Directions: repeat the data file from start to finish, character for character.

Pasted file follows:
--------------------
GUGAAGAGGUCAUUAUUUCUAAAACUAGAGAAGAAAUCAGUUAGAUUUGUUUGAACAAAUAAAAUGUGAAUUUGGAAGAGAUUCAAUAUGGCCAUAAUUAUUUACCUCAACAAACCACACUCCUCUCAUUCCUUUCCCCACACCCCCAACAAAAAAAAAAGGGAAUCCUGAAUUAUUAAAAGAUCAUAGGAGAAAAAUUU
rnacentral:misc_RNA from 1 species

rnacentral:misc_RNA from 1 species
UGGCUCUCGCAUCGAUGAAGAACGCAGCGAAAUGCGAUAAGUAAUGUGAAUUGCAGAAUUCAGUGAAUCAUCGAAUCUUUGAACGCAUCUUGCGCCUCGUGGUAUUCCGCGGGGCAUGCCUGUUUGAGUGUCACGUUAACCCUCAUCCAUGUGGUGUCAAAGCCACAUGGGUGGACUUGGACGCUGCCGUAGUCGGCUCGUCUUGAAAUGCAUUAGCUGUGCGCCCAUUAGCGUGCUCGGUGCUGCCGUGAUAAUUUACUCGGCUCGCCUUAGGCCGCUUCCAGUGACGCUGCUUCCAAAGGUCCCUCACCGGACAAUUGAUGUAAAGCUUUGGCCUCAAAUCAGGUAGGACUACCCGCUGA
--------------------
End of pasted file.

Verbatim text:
GUGAAGAGGUCAUUAUUUCUAAAACUAGAGAAGAAAUCAGUUAGAUUUGUUUGAACAAAUAAAAUGUGAAUUUGGAAGAGAUUCAAUAUGGCCAUAAUUAUUUACCUCAACAAACCACACUCCUCUCAUUCCUUUCCCCACACCCCCAACAAAAAAAAAAGGGAAUCCUGAAUUAUUAAAAGAUCAUAGGAGAAAAAUUU
rnacentral:misc_RNA from 1 species

rnacentral:misc_RNA from 1 species
UGGCUCUCGCAUCGAUGAAGAACGCAGCGAAAUGCGAUAAGUAAUGUGAAUUGCAGAAUUCAGUGAAUCAUCGAAUCUUUGAACGCAUCUUGCGCCUCGUGGUAUUCCGCGGGGCAUGCCUGUUUGAGUGUCACGUUAACCCUCAUCCAUGUGGUGUCAAAGCCACAUGGGUGGACUUGGACGCUGCCGUAGUCGGCUCGUCUUGAAAUGCAUUAGCUGUGCGCCCAUUAGCGUGCUCGGUGCUGCCGUGAUAAUUUACUCGGCUCGCCUUAGGCCGCUUCCAGUGACGCUGCUUCCAAAGGUCCCUCACCGGACAAUUGAUGUAAAGCUUUGGCCUCAAAUCAGGUAGGACUACCCGCUGA